BORIS Johnson has said that the European Super League plans would "strike at the heart" of football after six Premier League clubs signed up.
The Prime Minister took to Twitter this evening calling football authorities to take action.
In a dramatic development, less than 24 hours before Uefa is due to confirm its planned revamp of the Champions League, English football’s richest clubs have agreed to be part of the new elite.
And the group is ready to formally announce the breakaway later today, with a potential launch of either next season or the 2022-23 campaign.
Prime Minister Boris Johnson slammed the plans, saying they would be "very damaging" for football.
He said: "Plans for a European Super League would be very damaging for football and we support football authorities in taking action.
"They would strike at the heart of the domestic game, and will concern fans across the country.
"The clubs involved must answer to their fans and the wider footballing community before taking any further steps."
Gary Neville led the furious reaction to the 'criminal' behaviour of clubs involved saying he was 'disgusted' and calling for them to be relegated, stripped of their titles and have points deducted for supporting the breakaway.
Neville blasted the owners of the Big Six, labelling them 'impostors' and 'bottle merchants' and said fans need to be protected from the greedy power grab.
Arsenal boss Mikel Arteta refused to give much away after his side's 1-1 draw against Fulham, while Ole Gunnar Solskjaer was similarly non-committal following United's 3-1 win over Burnley at Old Trafford on Sunday.
Arteta said: "I don't know anything about it. Once I know every detail and have all the information then I can evaluate the situation and give you my opinion."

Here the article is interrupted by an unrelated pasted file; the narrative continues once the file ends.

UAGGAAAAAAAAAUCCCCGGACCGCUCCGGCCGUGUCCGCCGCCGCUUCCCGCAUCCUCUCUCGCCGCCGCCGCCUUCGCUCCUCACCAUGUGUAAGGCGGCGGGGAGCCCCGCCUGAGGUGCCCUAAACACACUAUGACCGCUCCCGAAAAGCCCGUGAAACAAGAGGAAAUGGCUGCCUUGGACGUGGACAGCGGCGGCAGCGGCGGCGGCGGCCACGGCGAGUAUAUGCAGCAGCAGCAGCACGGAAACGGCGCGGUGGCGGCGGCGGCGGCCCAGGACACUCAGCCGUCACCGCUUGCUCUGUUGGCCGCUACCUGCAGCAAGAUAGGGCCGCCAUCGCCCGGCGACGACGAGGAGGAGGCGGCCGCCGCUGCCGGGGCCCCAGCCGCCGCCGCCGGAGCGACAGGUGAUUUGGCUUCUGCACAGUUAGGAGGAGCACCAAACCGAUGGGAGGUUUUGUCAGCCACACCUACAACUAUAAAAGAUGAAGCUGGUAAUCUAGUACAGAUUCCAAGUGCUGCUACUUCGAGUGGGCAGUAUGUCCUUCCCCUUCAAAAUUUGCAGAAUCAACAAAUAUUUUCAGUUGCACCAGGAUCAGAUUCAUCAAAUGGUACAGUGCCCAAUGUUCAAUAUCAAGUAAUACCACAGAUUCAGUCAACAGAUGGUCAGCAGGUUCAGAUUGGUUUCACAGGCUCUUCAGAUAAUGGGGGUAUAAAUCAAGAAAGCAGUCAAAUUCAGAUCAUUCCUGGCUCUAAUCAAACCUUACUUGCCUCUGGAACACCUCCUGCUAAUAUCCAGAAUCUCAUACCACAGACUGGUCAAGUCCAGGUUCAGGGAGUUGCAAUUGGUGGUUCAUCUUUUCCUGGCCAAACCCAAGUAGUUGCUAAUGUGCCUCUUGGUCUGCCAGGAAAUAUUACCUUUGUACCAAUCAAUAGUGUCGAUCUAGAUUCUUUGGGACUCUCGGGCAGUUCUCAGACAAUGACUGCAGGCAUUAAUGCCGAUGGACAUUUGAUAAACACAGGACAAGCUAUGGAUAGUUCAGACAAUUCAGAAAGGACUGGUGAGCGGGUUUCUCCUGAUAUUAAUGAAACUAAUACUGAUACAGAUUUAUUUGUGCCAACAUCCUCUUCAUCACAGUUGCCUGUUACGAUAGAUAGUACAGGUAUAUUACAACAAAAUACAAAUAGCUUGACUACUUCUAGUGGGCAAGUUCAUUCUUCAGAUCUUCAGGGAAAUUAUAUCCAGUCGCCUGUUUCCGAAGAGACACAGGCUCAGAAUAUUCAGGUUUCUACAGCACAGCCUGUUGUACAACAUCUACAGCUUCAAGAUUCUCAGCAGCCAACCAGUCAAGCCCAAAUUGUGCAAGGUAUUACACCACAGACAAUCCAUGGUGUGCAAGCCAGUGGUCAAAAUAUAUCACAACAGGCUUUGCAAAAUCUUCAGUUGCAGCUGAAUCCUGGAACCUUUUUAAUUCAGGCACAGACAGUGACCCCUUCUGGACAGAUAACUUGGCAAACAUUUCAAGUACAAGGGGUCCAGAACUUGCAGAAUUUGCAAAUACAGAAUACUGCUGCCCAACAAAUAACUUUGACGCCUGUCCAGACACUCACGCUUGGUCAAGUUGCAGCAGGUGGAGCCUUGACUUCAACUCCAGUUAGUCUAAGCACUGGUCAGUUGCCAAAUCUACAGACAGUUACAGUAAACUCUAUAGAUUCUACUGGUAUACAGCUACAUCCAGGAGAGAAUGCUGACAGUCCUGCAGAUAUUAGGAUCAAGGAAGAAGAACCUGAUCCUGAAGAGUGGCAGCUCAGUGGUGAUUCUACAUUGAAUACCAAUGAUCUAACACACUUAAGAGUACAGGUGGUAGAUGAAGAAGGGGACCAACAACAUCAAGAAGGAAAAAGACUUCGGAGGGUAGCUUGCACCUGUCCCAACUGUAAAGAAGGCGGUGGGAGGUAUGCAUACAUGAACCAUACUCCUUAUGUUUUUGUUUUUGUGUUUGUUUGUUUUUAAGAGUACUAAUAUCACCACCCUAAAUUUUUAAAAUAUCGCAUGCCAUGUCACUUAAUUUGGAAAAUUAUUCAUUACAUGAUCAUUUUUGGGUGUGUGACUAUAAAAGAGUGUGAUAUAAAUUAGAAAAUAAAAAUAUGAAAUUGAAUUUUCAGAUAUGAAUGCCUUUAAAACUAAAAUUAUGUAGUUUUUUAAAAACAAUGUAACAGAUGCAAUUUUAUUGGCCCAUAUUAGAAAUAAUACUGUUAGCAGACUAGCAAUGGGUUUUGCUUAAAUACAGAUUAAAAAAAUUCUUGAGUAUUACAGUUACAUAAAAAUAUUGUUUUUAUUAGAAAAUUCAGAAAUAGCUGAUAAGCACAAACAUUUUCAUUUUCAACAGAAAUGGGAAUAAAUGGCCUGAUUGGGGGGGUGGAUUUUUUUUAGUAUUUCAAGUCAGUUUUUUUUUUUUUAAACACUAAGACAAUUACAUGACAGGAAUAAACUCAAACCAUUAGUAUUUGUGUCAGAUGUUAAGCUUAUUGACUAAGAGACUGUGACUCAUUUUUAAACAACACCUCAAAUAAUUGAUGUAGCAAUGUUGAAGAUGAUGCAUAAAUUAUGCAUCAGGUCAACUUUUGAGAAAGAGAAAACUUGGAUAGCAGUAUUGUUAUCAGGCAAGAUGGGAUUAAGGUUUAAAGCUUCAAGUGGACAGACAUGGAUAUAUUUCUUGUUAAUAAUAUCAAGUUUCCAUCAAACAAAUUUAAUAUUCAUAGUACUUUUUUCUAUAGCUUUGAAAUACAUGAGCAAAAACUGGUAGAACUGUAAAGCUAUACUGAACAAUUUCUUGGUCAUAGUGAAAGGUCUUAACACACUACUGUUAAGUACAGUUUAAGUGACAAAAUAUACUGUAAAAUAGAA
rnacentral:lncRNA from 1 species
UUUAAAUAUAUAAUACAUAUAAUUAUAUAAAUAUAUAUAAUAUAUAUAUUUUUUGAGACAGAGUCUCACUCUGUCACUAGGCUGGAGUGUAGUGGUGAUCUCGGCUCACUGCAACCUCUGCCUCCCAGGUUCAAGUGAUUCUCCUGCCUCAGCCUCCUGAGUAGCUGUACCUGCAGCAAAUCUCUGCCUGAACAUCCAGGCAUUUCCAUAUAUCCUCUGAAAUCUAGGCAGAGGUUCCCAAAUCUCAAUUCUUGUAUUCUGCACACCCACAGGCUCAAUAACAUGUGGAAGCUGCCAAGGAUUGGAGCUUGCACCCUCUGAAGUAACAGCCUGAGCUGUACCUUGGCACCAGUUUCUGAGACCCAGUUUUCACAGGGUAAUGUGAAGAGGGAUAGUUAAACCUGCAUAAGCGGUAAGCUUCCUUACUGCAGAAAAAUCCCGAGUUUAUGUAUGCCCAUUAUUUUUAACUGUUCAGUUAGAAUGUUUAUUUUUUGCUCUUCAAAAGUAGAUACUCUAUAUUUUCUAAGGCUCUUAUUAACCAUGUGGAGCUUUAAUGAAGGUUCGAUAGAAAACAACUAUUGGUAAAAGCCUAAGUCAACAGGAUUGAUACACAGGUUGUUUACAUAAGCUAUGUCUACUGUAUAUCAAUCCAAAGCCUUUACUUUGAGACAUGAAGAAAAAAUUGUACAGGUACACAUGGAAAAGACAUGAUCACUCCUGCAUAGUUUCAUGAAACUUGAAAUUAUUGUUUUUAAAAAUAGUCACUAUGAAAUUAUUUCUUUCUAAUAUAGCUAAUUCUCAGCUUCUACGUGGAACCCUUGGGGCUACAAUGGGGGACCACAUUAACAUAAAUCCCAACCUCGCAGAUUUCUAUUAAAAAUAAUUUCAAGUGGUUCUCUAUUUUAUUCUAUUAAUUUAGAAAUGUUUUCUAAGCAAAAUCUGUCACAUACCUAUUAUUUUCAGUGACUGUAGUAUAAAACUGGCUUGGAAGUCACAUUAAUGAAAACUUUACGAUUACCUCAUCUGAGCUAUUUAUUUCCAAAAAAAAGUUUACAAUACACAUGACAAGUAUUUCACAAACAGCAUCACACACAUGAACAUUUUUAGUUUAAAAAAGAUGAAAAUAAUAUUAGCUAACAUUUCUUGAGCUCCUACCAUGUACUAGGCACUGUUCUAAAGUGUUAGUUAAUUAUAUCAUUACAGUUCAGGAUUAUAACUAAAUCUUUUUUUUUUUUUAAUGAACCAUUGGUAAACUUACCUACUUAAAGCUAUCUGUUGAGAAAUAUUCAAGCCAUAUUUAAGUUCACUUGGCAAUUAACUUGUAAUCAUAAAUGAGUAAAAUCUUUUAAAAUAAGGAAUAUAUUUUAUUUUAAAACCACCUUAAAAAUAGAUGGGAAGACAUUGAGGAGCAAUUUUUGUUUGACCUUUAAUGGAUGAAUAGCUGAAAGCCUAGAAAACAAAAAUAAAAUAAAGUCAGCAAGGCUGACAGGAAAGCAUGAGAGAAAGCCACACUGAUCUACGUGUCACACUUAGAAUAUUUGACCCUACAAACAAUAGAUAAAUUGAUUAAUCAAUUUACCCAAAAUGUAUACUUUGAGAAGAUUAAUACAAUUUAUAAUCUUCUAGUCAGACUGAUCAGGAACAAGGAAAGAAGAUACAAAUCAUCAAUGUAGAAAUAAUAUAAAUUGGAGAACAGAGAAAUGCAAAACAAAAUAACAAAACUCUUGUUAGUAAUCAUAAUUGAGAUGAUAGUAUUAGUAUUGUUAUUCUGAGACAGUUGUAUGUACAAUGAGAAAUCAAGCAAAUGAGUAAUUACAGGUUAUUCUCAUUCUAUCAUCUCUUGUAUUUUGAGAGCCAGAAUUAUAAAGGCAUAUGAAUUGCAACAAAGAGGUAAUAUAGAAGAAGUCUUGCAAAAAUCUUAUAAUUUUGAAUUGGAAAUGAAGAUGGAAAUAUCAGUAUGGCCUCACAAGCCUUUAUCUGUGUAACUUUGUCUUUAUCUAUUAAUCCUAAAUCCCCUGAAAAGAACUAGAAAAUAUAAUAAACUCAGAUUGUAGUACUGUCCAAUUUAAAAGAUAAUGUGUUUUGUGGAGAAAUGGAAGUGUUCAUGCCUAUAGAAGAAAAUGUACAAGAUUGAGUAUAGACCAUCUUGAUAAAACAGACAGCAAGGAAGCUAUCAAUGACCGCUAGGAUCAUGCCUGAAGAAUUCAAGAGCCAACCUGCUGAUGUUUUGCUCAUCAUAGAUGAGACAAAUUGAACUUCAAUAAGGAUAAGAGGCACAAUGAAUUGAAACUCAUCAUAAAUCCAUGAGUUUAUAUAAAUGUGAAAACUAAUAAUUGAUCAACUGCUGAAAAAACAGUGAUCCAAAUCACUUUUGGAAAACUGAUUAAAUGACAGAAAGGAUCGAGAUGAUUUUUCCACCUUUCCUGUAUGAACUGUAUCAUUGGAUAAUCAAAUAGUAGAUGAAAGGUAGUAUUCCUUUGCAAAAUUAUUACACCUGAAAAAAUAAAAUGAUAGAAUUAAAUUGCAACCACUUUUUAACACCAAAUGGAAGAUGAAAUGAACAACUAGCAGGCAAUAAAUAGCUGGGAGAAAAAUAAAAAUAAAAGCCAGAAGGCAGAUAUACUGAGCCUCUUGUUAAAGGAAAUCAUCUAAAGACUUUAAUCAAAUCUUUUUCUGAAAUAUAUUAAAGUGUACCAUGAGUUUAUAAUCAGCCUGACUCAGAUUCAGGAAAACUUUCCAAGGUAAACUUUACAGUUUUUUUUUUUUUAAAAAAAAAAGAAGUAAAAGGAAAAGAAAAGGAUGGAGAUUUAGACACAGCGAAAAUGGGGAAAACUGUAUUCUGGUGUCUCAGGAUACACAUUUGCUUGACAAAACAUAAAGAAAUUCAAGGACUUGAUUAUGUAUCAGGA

Solskjaer commented: ""I've seen this morning the news and speculation. I can't really say too much because my focus has been on this game.
"I haven't looked into it, I've just been focused on this game so I need to sit down and see what it is."
The plans, pushed by Real Madrid, Liverpool, Manchester United and AC Milan, are backed by the financial muscle of US investment giant JP Morgan.
Clubs joining the proposed Super League could earn up to £310m as an initial “golden hello” plus a minimum £130m each season from their share of a £3.1billion total pot.
Arsenal, Chelsea, Manchester City and Spurs are understood to have signed up despite reservations as they do not want to be left behind by a breakaway.
But the move will cause deep anger among the other top flight clubs as well as Prem and Uefa chiefs.
And it could see players at the rebel clubs banned from future World Cup and European Championship Finals after Uefa and Fifa threatened to stand firm against any breakaway.
SunSport revealed on Friday that Real President Florentino Perez was leading a last-gasp bid to revive the breakaway ahead of Monday's meeting of Uefa’s ruling executive committee which is due to green light the move to a 36-team competition from 2024.
But while some initial approaches to clubs including Bayern Munich and PSG were rebuffed, Perez found willing ears at Barcelona and Atletico Madrid.
And in Italy, Juventus President Andrea Agnelli, a member of the Uefa executive as his role as head of the European Club Association, agreed to go along with the Super League plan alongside the two Milan giants.